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True to the family name

Amanda Holt MillerPost Independent Staff
Post Independent/Kara K. Pearson
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Dick Aspinall, 90, is not a regular guy. He’s an Aspinall.”We are not an ordinary family,” Aspinall said, sitting on the patio outside of the Colorado State Veterans Nursing Home in Rifle. “We do things when we’re capable. Aspinall is always honest and speaks up when something’s not right.”The state of Colorado is erecting a memorial to Aspinall’s father, Wayne Aspinall, in Palisade this summer. Wayne served as Colorado’s Congressman from 1949-1973. He was a Democrat in a predominately Republican area. He wrote the bills that made Hawaii and Alaska states.He introduced Aspinall to various presidents – Harry Truman, Dwight D. Eisenhower and Gerald Ford.”Dad, he had a bet with (Franklin D.) Roosevelt about where the best peaches came from,” Aspinall said. “Do you know how Roosevelt campaigned? He had a rail car he hooked to the back of a train.”

On the day Aspinall got his driver’s license, his father told him to take the car to the peach orchard the family owned in Palisade, pick a box of peaches and take them down to the train tracks.”Not one of them could have been any smaller than that,” Aspinall said of the peaches as he held his hands out in a cup big enough for a softball. “I got a can of fresh cream from a new dairy in town and went to the tracks.”There, Aspinall said a secret service man approached him.”‘Are you by any chance Aspinall?’ Yes I am,” Aspinall said. “And he picked up the box and the cream and me and put us in the train car. ‘Take two steps forward and knock on that door,’ the secret service man told me, and I did.”Eleanor Roosevelt answered the door and welcomed young Aspinall in. They ate the peaches and drank the cream.”Georgia didn’t have a chance against these peaches,” Aspinall said.

Then he heard the engineer call out and he stood up to leave.”Mrs. Roosevelt grabbed me and sat me back down. ‘You’re not going anywhere Aspinall,’ she told me,” Aspinall said. “What was I supposed to do? You don’t argue with the first lady.”He rode to Salt Lake City with the first family and was met by a Utah State trooper afterward. The trooper drove him across Utah back to Palisade and he was afraid the whole time of being left in the desert by himself to fend off the rattlesnakes.Aspinall followed in his father’s footstep to some degree. He was a Marine for four years. He was a pilot and a teacher. “I was a small town kid and I should have stayed in that small town,” Aspinall said.But he didn’t. He worked at the Carnegie Endowment in New York City right out of college.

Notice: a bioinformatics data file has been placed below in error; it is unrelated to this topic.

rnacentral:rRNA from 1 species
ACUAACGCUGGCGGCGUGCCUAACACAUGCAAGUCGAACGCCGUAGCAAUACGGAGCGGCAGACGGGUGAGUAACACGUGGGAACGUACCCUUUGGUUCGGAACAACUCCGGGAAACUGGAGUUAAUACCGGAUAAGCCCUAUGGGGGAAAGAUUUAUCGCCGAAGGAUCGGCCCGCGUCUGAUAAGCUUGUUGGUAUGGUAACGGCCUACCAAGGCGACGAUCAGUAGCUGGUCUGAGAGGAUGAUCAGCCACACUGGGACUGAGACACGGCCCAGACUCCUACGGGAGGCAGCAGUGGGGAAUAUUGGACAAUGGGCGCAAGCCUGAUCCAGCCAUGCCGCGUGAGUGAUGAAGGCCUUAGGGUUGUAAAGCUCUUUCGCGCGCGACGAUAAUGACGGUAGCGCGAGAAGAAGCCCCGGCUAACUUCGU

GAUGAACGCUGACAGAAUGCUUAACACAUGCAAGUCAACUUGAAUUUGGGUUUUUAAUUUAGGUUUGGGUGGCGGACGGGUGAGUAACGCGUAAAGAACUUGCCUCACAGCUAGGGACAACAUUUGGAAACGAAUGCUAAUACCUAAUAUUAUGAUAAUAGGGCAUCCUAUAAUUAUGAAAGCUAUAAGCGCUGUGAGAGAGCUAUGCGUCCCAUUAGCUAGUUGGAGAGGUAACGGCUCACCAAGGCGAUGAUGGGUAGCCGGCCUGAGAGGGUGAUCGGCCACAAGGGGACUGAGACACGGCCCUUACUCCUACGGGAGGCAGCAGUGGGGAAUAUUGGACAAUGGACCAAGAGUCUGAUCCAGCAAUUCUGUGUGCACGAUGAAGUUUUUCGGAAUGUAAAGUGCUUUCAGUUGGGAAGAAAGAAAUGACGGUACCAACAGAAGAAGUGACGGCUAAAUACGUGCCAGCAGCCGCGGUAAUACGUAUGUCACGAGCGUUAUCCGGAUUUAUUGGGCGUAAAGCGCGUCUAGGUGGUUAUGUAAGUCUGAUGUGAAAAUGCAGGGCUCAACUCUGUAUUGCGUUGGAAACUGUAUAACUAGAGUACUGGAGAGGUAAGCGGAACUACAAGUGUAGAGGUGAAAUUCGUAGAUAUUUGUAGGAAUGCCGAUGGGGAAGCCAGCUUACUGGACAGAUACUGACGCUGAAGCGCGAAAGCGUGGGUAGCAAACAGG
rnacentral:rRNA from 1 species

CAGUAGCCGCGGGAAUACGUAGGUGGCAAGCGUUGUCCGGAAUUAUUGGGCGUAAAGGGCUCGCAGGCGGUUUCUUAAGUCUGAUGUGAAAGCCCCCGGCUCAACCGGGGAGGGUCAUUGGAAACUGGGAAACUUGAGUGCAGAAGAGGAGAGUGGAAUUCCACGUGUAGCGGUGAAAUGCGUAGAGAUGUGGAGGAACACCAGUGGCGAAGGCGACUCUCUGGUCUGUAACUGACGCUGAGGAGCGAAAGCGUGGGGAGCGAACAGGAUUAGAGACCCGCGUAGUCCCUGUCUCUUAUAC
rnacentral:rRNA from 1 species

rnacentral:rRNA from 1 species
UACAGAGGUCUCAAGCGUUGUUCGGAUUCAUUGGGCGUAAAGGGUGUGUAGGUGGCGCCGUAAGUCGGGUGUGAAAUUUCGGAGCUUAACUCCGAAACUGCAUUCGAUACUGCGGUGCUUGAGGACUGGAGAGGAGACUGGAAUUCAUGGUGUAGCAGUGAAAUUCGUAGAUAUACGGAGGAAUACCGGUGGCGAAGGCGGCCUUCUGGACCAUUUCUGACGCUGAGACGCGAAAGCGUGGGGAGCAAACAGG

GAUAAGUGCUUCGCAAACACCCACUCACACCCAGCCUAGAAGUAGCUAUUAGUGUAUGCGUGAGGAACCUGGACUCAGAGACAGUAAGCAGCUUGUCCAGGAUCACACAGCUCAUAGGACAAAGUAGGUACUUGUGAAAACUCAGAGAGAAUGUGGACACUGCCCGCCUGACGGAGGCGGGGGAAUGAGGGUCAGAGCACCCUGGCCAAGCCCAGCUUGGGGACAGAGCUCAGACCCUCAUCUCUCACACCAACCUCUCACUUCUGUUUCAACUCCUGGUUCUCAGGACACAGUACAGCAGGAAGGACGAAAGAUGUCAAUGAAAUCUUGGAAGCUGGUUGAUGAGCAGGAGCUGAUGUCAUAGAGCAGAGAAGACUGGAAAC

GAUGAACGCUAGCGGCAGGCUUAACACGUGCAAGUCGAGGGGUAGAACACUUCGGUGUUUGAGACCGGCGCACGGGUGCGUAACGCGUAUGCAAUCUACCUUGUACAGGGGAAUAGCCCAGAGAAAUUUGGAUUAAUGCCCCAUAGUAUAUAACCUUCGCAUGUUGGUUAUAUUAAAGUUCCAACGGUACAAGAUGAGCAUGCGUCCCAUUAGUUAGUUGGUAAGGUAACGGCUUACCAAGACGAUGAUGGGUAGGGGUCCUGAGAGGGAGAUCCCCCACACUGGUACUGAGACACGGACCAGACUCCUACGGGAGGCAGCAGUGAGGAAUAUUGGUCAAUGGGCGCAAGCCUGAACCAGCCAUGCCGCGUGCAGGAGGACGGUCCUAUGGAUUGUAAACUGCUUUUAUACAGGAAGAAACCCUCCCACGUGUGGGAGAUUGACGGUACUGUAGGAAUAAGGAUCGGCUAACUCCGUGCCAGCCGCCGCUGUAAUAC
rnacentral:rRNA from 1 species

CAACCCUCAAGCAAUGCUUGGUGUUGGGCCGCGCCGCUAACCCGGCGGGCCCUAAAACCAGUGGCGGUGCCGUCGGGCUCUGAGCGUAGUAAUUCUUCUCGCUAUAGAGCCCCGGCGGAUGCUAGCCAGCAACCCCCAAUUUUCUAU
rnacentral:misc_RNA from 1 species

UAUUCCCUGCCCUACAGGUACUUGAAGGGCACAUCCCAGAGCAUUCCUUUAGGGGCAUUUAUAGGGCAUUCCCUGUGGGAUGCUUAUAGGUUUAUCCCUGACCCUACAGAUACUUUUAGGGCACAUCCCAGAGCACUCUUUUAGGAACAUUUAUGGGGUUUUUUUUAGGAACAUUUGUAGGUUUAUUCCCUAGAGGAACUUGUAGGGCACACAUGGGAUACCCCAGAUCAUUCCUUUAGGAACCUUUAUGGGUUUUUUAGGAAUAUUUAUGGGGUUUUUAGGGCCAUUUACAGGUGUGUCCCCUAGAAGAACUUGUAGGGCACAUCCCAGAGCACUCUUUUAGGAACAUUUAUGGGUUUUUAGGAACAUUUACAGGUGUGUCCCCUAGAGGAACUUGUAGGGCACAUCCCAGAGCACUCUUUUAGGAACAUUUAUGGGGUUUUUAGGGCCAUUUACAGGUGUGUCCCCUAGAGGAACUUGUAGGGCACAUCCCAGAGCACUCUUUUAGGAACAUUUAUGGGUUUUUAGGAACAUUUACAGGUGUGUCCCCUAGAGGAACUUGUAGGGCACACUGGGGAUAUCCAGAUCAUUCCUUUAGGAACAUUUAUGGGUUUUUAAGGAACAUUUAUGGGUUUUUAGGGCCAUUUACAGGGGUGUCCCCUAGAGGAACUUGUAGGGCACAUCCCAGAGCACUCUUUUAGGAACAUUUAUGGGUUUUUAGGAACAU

“I gave all my money away,” Aspinall said. “There were people there who were hungry. And there were women who would sleep above the subways because it was warm there. I would find them places to stay and I paid. If you don’t grow up with that you’re not used to it and it bothers. I came back so broke.”Later, Aspinall became known for starting up and building schools. When he had an opportunity to move his family to Belgium, he did it in hopes that they would all return speaking French.His daughter, who was only 4 years old, attended a Catholic school there and “was the only Aspinall to come back fluent.”Aspinall had a stroke when he was 49 and had to retire from the school business. He said it was stressful work and tried very hard to protect his students, though sometimes, the world was meaner than he anticipated.Aspinall is glad the state is erecting a memorial for his father. It will stand along one of his dad’s favorite walking paths in Palisade.”I am an Aspinall,” Aspinall said. “But I am not my father.”


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